Broadly speaking, they resisted the logic of the national security state and believed in the foundational tenets of diplomacy, in which power matters more than ideology, foreign policy and domestic politics are considered mutually exclusive, and diplomats, rather than the military, forge and maintain a stable international order. In the ensuing decades, diplomats would experience a more systematic form of marginalization that reflected the nature of U. The later chapters, in particular, present new material in a subtle and provocative way. The Dissent Papers recovers the invaluable perspective of these individuals and their commitment to the transformative power of diplomatic writing. In American foreign relations, he lamented, there was no room for traditional methods of diplomacy, nor for the peculiar finesse and subtlety of mind of the diplomat.
Especially at the high ranks, the Foreign Service was still mostly composed of the social elite. To get out of it and speak the truth would be a refreshing experience. I have no doubt that the seeds of my current endeavors were planted at the kitchen table, where I was introduced to pressing social, political, and cultural debates. The diplomats who occupied the highest posts in the diplomatic corps hailed almost entirely from the white male aristocratic elite. In the following pages, I examine diplomatic dissent in four pivotal moments in U. Thanks to Kairos, Karen, Adela and Chris, Greg and Kim, Ellen and David, Patricia and Manu, Eugene, Felicity, and Michele for the many hours of eating, drinking, and library camaraderie over the years.
So declared Hans Morgenthau in Politics Among Nations, the classic theory of international relations written in the aftermath of the Second World War. More importantly, it is with him that I continue to learn about and experience the world. I am thankful to Nick Thompson, Fred Logevall, and the editors and anonymous reviewers at Diplomatic History and the Journal of Contemporary History for reading and commenting on earlier versions of various chapters. Gurman categorizes diplomatic dissenters according to different styles they adopt in their diplomatic writing, most importantly whom they choose as their audience. In 1883, Congress passed the Civil Service Reform, or Pendleton Act, which took steps toward transforming the federal government into a modern merit-based bureaucracy.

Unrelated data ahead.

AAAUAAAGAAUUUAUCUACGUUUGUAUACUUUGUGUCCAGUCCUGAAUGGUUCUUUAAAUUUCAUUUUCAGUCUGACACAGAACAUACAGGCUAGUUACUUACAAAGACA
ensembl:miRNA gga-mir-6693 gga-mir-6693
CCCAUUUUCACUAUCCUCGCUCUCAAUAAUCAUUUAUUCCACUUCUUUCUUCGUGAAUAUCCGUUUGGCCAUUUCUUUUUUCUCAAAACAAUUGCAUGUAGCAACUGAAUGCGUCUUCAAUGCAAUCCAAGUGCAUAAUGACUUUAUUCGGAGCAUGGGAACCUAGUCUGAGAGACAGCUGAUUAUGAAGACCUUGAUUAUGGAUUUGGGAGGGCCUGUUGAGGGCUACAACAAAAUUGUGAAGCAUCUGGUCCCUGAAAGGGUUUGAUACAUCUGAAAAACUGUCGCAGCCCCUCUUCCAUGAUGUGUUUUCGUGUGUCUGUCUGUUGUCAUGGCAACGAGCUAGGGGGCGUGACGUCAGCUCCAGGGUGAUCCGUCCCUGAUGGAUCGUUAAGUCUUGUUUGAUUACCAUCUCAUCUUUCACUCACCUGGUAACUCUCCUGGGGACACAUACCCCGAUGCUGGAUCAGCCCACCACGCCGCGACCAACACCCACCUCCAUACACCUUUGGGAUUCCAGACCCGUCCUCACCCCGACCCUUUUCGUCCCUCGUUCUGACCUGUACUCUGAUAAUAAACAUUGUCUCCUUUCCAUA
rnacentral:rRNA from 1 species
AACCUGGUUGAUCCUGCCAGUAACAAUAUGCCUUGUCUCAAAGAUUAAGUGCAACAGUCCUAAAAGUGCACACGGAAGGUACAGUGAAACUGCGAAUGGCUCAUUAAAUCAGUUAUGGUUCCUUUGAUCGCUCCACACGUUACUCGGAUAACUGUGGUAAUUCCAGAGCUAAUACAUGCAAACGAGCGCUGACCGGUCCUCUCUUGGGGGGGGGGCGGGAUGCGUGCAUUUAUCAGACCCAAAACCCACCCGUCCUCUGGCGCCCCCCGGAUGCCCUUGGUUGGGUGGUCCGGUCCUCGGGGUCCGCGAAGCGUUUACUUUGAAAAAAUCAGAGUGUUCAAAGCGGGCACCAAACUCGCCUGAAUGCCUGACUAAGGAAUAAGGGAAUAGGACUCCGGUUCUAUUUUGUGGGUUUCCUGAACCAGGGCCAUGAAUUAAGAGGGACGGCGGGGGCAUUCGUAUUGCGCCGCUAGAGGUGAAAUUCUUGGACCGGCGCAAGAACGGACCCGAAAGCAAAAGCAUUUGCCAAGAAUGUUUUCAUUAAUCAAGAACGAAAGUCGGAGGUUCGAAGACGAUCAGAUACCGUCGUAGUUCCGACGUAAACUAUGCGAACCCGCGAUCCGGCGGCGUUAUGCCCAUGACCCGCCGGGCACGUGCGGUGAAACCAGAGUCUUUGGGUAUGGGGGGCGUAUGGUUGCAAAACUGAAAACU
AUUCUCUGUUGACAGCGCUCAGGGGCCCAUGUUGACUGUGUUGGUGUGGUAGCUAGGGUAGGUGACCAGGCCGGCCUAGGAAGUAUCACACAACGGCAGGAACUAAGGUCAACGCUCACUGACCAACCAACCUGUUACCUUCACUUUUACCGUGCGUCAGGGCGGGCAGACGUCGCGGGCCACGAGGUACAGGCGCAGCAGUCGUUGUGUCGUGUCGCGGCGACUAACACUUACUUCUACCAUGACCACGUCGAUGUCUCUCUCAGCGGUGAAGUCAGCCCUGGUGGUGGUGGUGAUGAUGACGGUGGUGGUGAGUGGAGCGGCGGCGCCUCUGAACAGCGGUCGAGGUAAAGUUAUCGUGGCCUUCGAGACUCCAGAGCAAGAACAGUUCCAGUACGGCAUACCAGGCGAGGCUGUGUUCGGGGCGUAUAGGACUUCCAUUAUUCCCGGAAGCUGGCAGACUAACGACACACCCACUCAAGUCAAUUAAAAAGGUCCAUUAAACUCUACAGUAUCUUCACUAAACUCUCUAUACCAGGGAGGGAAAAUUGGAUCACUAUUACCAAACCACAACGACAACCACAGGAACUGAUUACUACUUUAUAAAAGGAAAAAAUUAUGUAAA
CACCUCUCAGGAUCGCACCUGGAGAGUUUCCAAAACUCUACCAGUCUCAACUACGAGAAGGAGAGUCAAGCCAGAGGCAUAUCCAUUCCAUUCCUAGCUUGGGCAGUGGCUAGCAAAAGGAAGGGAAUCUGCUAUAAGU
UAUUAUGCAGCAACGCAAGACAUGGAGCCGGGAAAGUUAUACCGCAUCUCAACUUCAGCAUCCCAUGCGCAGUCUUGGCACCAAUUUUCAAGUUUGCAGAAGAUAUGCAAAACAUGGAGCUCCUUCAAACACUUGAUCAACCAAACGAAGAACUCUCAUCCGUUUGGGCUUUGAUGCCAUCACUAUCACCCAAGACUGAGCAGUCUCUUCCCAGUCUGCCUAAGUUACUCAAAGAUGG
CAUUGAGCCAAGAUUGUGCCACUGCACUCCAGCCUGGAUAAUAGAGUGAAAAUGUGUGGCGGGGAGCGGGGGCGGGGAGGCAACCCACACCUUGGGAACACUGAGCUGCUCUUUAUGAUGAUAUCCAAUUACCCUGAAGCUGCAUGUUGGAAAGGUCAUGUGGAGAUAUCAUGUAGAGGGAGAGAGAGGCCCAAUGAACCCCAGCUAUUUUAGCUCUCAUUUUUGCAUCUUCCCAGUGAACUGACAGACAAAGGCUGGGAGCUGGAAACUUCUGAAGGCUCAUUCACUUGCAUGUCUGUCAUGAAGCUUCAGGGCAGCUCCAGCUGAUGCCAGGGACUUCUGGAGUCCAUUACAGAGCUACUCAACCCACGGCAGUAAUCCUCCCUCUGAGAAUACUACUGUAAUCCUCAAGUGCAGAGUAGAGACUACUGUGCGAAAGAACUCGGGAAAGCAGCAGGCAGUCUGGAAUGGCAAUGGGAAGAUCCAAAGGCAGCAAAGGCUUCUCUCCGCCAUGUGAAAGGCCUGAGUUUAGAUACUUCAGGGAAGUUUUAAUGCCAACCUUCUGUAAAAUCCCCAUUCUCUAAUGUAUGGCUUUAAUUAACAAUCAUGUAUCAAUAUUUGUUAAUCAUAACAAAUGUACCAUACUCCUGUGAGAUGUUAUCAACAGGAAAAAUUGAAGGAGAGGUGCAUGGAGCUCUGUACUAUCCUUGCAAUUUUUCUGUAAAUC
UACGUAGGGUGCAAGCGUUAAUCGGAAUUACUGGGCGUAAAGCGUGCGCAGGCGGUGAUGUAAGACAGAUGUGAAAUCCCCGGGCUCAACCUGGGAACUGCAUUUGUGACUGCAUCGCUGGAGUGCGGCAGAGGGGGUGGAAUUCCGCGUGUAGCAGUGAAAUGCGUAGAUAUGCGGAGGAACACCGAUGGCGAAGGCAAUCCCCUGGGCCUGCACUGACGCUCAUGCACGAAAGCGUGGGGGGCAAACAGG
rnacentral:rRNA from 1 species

I thank him for his keen and clarifying insights into the nature and direction of my project, for teaching me how to think and research as a diplomatic historian, and for believing that I could offer something to the scholarship of U. Gurman follows the circulation of documents within the State Department, the National Security Council, the C. More important than the abstract idea of diplomacy were actual diplomats, who, he believed, understood international conflicts from the ground up as well as from a conceptual grounding in a realistic view of international affairs. A combination of presidential hostility toward the diplomatic corps, congressional isolationism, and economic disaster made the late 1920s and 1930s an especially low moment in the morale of the Foreign Service. Several other people read and reviewed the whole or parts of this book at various stages of its development. We can stay on hoping that things will be better, that our experience can be productive of some good.
On the other hand, somebody has to carry on with the job. Forged and maintained by diplomats, these alliances were designed to balance and temper the struggle for power between states. Known for his formative role in shaping U. Permission to republish is freely granted with credit and a link back to American Diplomacy Author: Dr. ¹¹ As the diplomatic establishment grew over the course of the nineteenth century, a new layer of career diplomats emerged. As in other elite institutions that claimed to be merit-based, undesirables, including Jews, Catholics, and women, were typically weeded out in the oral interview.
In 2003 Brady Kiesling, the U. The department expanded further in World War One, after which the position of undersecretary of state was established. Their success came from knowing when to withhold or dilute their dissent. No wonder that the dissenters, often sidelined by those more powerful less naïve? As the arc of The Dissent Papers suggests, the evolution of diplomatic writing is directly related to both the ongoing process of bureaucratization and the evolving relationship between the diplomatic establishment and the White House in a given administration. Third, the dissenters were, above all, diplomats who put their voices in writing. Kennan—who extolled the indispensability of both—would thus have cheered this book, although he certainly. She brings disparate yet connected stories together to show how diplomats used the primary tool given to them: language.
Most intriguing of all, Gurman profiles how Kennan made important shifts and adjustments in his reporting to ensure that his recommendations would be well received by policymakers. Diplomats, wrote Morgenthau, ought to be the fingertips of foreign policy. State Department writing was most influential in the years immediately following the Second World War. The problem, as Eikenberry concluded, was how to fight corruption and connect the people to their government, when the key government officials are themselves corrupt. I know of no work that treats the issue in the synoptic manner provided in this account. Brown, a Foreign Service officer for more than 20 years, currently is Adjunct Professor of Liberal Studies at Georgetown University, where he teaches about public diplomacy.